Thank you for your interest in and support of the Valley News. So far, we have raised 80% of the funds required to host journalists Claire Potter and Alex Driehaus for their one-year placements in the Upper Valley through Report for America, a national service program that boosts local news by harnessing community support.

Please consider donating to this effort.

Column: But do they know where we truly live?

  • Bill Nichols. Copyright (c) Valley News. May not be reprinted or used online without permission. Send requests to

  • The Kansas City Star illustration -- Neil Nakahodo The Kansas City Star illustration — Neil Nakahodo

For the Valley News
Published: 10/16/2021 10:10:11 PM
Modified: 10/16/2021 10:10:12 PM

Protesters succeeded, at least temporarily, in a New Hampshire version of the failed Jan. 6 attempt to reverse our most recent presidential election. They made it impossible for Gov. Chris Sununu’s Executive Council to meet on Sept. 29 and consider $27 million in federal funding for COVID-19 relief. (On Wednesday, the council rejected the funding in a 4-1 party-line vote.) Similar minor-league efforts are taking place in Republican-controlled states all over the U.S., where people are trying to override the laws and trusted practices our democracy requires to function.

You might have heard complaints in recent weeks that the Jan. 6 Select Committee and the Department of Justice are moving much too slowly in their investigations of the riot at the U.S. Capitol. They already know enough, some say, to put former President Donald Trump and members of his administration, including a few members of his family, in orange jumpsuits. But I wonder if moving cautiously and deliberately might be the only way to preserve and rebuild our democracy in the face of such attacks, avoiding the pattern seen elsewhere in the world in which victors celebrate a shift from one autocracy to another by imprisoning — sometimes even executing — their predecessors.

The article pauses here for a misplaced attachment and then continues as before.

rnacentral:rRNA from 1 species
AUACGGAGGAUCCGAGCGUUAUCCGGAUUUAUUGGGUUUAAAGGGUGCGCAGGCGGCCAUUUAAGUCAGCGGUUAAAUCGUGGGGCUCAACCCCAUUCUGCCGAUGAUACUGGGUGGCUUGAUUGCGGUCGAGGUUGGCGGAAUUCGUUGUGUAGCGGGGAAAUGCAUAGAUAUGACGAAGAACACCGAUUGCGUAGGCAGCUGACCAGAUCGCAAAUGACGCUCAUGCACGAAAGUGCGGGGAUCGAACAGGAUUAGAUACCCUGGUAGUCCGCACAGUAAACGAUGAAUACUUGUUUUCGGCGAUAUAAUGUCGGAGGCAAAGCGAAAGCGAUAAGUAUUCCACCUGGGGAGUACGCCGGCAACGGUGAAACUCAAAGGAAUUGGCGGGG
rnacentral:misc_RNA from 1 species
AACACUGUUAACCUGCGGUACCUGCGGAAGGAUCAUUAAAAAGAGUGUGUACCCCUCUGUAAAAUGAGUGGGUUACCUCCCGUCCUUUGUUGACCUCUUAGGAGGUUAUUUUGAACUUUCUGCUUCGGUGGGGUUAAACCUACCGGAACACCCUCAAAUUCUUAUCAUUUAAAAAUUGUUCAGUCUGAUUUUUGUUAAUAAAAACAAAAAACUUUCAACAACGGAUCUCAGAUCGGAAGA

But what can we do about attempts to bypass the norms and laws that make a democracy work?

By “we” I mean all of us who, though we don’t hold elective office, want to help preserve and strengthen our democracy, and I include Republicans and independents who want to help the GOP become once again a responsible, often conservative, political party. I’m less confident than I once was that a search for common ground is the key. But I suspect we should continue to try talking sense across the political chasms that divide us.

Growing up as a Republican, and registering for several years as an independent, I’ve steered clear of bumper stickers and political signs in our yard, hoping for conversations with strangers about problems and possibilities that interest us all.

I had in mind my grandfather, a bus driver, who it seemed to me was able to talk with anyone about almost anything. My wife sometimes pulls this off, too. Just the other day, Nancy talked at some length (and at a safe distance) with a man we know who has chosen not to get the COVID-19 vaccine. When she said we worry about his health, he said he would probably get the shot if he were not being pressured to do so by politicians he mistrusts. Presumably he believes other vaccines he has accepted, as well as laws and regulations he obeys daily, have issued from more trustworthy politicians. It was a talk that made Nancy sad, but it could lead to more conversations.